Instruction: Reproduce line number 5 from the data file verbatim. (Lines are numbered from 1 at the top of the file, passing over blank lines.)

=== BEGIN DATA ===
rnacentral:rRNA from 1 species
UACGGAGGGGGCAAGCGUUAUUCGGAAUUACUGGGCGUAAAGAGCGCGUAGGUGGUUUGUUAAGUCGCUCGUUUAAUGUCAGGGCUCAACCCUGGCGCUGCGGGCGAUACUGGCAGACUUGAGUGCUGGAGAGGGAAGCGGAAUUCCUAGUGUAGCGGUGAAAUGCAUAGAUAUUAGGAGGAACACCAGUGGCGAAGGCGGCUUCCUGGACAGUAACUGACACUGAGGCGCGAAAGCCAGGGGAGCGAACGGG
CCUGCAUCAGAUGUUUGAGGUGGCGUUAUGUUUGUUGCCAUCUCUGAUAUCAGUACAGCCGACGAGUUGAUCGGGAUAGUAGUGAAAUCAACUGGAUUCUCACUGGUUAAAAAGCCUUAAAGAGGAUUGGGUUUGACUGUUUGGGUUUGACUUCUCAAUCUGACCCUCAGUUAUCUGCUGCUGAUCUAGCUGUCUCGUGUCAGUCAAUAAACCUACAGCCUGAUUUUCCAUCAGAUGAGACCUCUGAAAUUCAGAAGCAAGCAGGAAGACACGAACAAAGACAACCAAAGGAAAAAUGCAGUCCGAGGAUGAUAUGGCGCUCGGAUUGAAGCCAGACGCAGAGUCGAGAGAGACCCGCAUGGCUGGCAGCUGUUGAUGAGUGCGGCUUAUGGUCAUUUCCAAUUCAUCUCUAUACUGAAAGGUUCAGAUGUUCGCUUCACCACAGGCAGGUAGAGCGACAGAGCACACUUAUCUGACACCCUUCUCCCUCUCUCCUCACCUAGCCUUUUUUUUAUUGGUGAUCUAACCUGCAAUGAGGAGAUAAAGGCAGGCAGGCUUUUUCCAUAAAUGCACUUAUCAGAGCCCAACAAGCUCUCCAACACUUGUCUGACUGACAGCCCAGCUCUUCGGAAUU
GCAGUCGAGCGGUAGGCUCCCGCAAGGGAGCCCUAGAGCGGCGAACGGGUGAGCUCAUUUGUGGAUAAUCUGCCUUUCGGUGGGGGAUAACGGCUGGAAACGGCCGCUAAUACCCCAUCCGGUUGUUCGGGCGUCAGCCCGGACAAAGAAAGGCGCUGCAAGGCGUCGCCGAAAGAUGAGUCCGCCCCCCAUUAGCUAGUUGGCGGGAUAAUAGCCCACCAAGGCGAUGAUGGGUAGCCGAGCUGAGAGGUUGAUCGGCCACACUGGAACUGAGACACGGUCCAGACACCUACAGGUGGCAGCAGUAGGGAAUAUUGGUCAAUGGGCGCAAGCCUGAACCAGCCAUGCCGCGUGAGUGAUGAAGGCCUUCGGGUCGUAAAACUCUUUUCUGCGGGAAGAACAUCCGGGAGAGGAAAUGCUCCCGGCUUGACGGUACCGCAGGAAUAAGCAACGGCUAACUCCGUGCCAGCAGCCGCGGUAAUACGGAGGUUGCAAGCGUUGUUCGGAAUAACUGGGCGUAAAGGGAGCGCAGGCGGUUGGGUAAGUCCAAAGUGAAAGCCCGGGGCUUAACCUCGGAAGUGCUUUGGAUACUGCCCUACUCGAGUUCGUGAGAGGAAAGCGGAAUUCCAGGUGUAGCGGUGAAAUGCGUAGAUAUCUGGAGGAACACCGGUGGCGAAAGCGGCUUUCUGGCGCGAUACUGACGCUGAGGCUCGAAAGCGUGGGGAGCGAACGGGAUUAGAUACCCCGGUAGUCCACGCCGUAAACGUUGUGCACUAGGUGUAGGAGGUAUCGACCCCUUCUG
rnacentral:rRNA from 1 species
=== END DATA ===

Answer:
rnacentral:rRNA from 1 species